The Slattern’s guide to Italian travel
Installment 1: Language barrier? What language barrier?
As recently chronicled, Mr. Slattern and I just returned from two glorious, albeit damp, weeks in Italia. And let me tell you the Italians were the salt of the Earth. To a man, woman and child they were unfailingly polite, helpful and kind — except for that unfortunate misunderstanding about whether the bottles of Barolo were “to go,” but once we made bail, reacquired our passports and had the dents pounded out of the polizione prowl car, it was all was bonhomie, back slapping and three new names for the Christmas card list. But I digress.
In any case, I cannot urge you strongly enough to do whatever is necessary — save your nickels, sell the family silver, cash in the kids’ college funds — and get yourselves over there. In support of this, I am starting a new travel series, and over the coming weeks I will be answering your travel questions and offering helpful tips and strategies for squeezing the maximum amount of fun from your Italian idyll (while staying out of jail).
So listen up there, Rick Steves, you’d better grab that fanny pack and get out of my way. The juggernaut that will soon become the Slattern’s travel empire starts rolling right now. Andiamo!
Dear Kitchen Slattern,
I don’t speak Italian, but I have a burning desire to take a gondola ride and drop in on the Pope. How will I get around without knowing the language?
Hot Madonna, Duluth
Dear Hot Mad,
First, kudos on wanting to put Duluth in the rear view. Well done. And may I suggest a course of antibiotics for that burning sensation?
Now to your query. During my recent trip I was delighted to discover that English has become the lingua franca of Europe, which was a big relief since Mr. Slattern’s and my efforts to learn Italian prior to departing were not exactly crowned with success, as the saying goes. I suspect this was because we listened to our Pimsleur Italian lessons while swilling vast oceans of Insolia, just to get in the spirit. While it was certainly a festive way to pick up the dialect, and we were chatting like nobody’s business during the lessons, unfortunately most mornings we could not remember one word of what we had studied the night before, and more often than not we woke up wearing yesterdays’ clothes after having slept on the living room floor.
And so our linguistic exertions netted us little more than the ability to accost a young Italian woman in the street and inform her that we could not speak Italian. Not as helpful as you might think.
Now Mr. Slattern speaks lovely German, we both dabble in Spanish, and I have a certain proficiency with French – I used to speak it quite well, but these days my skills are a bit moldy. When sober, I’m lucky if I can make myself understood at the level of a mildly retarded pissoir attendant. After a bottle or three of Bordeaux, however, it gets better, as I resemble a mildly retarded pissoir attendant who is really REALLY enthusiastic about speaking French. So drinking facilitates communication is the lesson here.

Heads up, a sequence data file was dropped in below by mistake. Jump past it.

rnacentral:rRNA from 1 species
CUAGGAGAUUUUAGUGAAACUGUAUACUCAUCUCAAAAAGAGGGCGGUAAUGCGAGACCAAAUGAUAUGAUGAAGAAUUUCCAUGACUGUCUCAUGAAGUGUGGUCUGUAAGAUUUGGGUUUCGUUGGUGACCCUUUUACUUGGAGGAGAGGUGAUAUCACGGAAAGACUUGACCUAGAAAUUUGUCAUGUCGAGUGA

Thankfully, these days Italian sewer workers speak better English than most of the residents of New York City and the entire deep south, so we got along fine on English, especially once we had looked up and practiced the following:
Mi dispiace, mas io no parlo italiano. Lei capiche l’inglese?
Roughly translated, this means, “I’m sorry, but I am a complete fucking cretin who has swanked into your magnificent country speaking not one sainted word of your heartbreakingly beautiful language, but I hope that if I throw around enough cash, you won’t mind too much.” Quite often we’d be interrupted after the first couple of words with a pained, “English, please.” Understandably so.
Thanks to the unfailing politeness of the Italian people, however, we still managed to have a rollicking good time while visiting the sites, gazing upon the world’s most magnificent art and sucking up more fine food and wine than most Americans see in a lifetime. It was excessive on a Caligula-esque scale, and really isn’t that what we go abroad for?
So, forget Italian 101 and wing it is my advice. Just remember, there’s no such thing as a go cup in a wine bar.
GLASS corks! What will they think of next?
So there I was opening a bottle of my new favorite white wine, Cusumano Insolia from Sicily, and imagine my surprise upon discovering a glass stopper where the screw top should have been! At first I was somewhat taken aback and wondered how to extricate it from the bottle, but as my ever clear-headed husband pointed out, that’s what God gave us thumbs for. He then proceeded to pop the cork with nary a corkscrew, et voilà! The wine flowed like, well, wine.
Now you may have seen these little genius items, but they’re new to me, and I am some kind of excited. They fit right back in the bottle; you can keep ’em for future use in bottles with pesky cork stoppers; and they don’t stick up so far that the bottle can no longer be placed upright in the fridge without a massive reorganization requiring a slide rule and a Xanax. Win win win.